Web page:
Thursday, March 17, 2005
Vistaprint, Again: Ignore Them at Your Own Peril
Vistaprint's constant testing of concepts is a tradition of direct marketing, even back when it was called direct mail, and fabled copywriter John Caples (1900-1990) wrote the headline "They laughed when I sat down at the piano, but when I started to play..." which sold a home study music course. ( http://www.caples.org/about.html and also http://adage.com/century/people/people021.html and you can see a picture of the original ad at http://historyproject.ucdavis.edu/imageapp.php?Major=AD&Minor=T&SlideNum=32.00)
Vistaprint's market testing is profiled at http://www.marketingsherpa.com/sample.cfm?contentID=2943 Caples was a proponent of testing from early in his career. Testing means that things will go wrong. But unlike many company managements, companies that believe in failure, yes, failure, learn more than others. Vistaprint looks like it's working in that tradition. Samples can be viewed at http://www.marketingsherpa.com/vistaprint/study.html
I was chatting with a fellow baseball aficionado about what a bunch of losers certain pitchers were, Cy Young being the biggest loser in baseball history (315), who also holds the record for most wins (511). Most people forget that Babe Ruth, greatest home run hitter of his era (714), who preferred beer and whiskey and not steroids and would recommend the same today, also held the record for striking out (1,330). Too many executives put their companies on tightropes: where there is no expertimentation, there are no successes, only stagnation. Tom Peters has long been encouraging companies to "fail small." That is, to create situations where new things are tried and then incrementally built upon. A benefit of the Internet is that you can fail quickly and small, and when you have success in an experimental approach, you can implement quickly as well.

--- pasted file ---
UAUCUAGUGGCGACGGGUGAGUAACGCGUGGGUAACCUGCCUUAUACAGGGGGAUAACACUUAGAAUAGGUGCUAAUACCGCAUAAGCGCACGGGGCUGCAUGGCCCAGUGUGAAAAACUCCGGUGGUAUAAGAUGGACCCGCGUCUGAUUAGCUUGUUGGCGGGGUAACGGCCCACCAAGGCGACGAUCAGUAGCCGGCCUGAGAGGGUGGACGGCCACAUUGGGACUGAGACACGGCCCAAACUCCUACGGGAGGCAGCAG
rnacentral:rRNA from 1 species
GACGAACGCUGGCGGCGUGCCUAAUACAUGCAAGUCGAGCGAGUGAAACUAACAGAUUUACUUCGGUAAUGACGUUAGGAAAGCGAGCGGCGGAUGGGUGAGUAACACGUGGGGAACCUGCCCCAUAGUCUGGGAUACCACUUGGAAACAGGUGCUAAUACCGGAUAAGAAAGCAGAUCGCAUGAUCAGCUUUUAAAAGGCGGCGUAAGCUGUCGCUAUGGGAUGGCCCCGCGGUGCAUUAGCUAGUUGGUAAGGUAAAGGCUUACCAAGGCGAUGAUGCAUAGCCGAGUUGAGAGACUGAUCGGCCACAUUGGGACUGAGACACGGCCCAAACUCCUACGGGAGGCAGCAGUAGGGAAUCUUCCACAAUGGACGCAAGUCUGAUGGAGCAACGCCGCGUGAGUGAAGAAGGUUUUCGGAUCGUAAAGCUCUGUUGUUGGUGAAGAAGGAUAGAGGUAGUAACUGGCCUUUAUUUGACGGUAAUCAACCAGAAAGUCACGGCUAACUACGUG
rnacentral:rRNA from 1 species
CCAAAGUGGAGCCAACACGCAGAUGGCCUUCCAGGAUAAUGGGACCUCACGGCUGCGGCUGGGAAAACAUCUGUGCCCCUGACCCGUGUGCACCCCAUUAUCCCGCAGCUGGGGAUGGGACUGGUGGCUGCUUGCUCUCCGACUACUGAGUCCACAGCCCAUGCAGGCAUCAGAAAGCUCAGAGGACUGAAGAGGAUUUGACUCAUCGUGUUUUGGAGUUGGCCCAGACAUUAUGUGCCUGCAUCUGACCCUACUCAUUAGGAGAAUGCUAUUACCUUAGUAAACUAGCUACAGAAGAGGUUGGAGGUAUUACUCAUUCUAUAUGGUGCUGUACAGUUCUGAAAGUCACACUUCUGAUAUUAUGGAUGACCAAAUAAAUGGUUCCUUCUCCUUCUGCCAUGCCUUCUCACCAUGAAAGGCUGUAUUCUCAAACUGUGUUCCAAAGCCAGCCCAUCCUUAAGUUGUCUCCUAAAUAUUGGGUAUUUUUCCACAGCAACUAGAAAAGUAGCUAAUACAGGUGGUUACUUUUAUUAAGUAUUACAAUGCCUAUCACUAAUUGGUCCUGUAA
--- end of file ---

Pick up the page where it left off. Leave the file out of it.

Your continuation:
Vistaprint is in the news today because it has opened new web sites. No, not new plants, not new sales offices, but new web sites. My, how things have changed. http://home.businesswire.com/portal/site/google/index.jsp?ndmViewId=news_view&newsId=20050316005421&newsLang=en
Will Vistaprint succeed in the long run? I don't know. But it's another example of people from outside the printing business who don't know what you're not supposed to do, and then break new ground.